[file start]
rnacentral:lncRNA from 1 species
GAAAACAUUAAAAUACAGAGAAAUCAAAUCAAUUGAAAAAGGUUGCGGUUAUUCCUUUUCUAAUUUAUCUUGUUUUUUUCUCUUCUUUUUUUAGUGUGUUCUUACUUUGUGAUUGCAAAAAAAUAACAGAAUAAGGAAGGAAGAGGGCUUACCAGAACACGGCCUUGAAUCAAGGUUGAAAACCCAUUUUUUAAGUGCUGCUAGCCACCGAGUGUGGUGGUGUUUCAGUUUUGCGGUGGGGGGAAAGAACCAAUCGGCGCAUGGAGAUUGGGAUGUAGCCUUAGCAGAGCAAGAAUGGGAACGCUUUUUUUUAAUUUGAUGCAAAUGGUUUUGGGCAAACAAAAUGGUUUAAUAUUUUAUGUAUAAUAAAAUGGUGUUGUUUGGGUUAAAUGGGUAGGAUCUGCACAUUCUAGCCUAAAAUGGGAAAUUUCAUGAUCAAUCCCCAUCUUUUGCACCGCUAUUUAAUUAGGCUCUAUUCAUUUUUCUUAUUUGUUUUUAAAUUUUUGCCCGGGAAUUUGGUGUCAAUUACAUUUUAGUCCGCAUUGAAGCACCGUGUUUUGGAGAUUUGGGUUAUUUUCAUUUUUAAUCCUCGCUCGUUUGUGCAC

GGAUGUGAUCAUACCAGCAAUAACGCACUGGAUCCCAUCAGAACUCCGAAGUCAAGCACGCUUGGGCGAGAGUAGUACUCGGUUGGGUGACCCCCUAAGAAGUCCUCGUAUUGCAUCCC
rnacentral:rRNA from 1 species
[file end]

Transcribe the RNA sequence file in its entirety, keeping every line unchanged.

rnacentral:lncRNA from 1 species
GAAAACAUUAAAAUACAGAGAAAUCAAAUCAAUUGAAAAAGGUUGCGGUUAUUCCUUUUCUAAUUUAUCUUGUUUUUUUCUCUUCUUUUUUUAGUGUGUUCUUACUUUGUGAUUGCAAAAAAAUAACAGAAUAAGGAAGGAAGAGGGCUUACCAGAACACGGCCUUGAAUCAAGGUUGAAAACCCAUUUUUUAAGUGCUGCUAGCCACCGAGUGUGGUGGUGUUUCAGUUUUGCGGUGGGGGGAAAGAACCAAUCGGCGCAUGGAGAUUGGGAUGUAGCCUUAGCAGAGCAAGAAUGGGAACGCUUUUUUUUAAUUUGAUGCAAAUGGUUUUGGGCAAACAAAAUGGUUUAAUAUUUUAUGUAUAAUAAAAUGGUGUUGUUUGGGUUAAAUGGGUAGGAUCUGCACAUUCUAGCCUAAAAUGGGAAAUUUCAUGAUCAAUCCCCAUCUUUUGCACCGCUAUUUAAUUAGGCUCUAUUCAUUUUUCUUAUUUGUUUUUAAAUUUUUGCCCGGGAAUUUGGUGUCAAUUACAUUUUAGUCCGCAUUGAAGCACCGUGUUUUGGAGAUUUGGGUUAUUUUCAUUUUUAAUCCUCGCUCGUUUGUGCAC

GGAUGUGAUCAUACCAGCAAUAACGCACUGGAUCCCAUCAGAACUCCGAAGUCAAGCACGCUUGGGCGAGAGUAGUACUCGGUUGGGUGACCCCCUAAGAAGUCCUCGUAUUGCAUCCC
rnacentral:rRNA from 1 species